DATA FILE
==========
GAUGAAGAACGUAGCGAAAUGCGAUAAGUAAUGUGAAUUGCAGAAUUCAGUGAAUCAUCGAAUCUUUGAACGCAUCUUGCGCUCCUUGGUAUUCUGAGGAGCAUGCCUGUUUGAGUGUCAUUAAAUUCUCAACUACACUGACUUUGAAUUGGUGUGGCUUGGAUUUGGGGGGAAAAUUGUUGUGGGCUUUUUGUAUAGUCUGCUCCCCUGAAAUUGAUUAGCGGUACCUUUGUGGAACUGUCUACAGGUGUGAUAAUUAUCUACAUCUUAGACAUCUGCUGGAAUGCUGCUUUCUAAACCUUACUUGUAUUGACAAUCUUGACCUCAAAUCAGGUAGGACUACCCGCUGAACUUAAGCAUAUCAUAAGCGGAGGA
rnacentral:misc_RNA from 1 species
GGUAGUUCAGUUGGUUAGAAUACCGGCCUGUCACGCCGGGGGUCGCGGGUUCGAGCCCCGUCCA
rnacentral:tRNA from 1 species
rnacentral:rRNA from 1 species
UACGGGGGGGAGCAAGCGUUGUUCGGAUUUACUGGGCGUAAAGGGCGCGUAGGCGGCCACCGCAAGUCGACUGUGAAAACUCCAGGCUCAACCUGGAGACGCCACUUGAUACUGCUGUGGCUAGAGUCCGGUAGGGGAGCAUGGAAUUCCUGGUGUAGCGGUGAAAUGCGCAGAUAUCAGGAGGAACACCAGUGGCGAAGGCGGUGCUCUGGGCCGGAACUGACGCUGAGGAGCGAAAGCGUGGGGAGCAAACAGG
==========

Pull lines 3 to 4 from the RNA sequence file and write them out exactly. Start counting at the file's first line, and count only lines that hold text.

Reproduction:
GGUAGUUCAGUUGGUUAGAAUACCGGCCUGUCACGCCGGGGGUCGCGGGUUCGAGCCCCGUCCA
rnacentral:tRNA from 1 species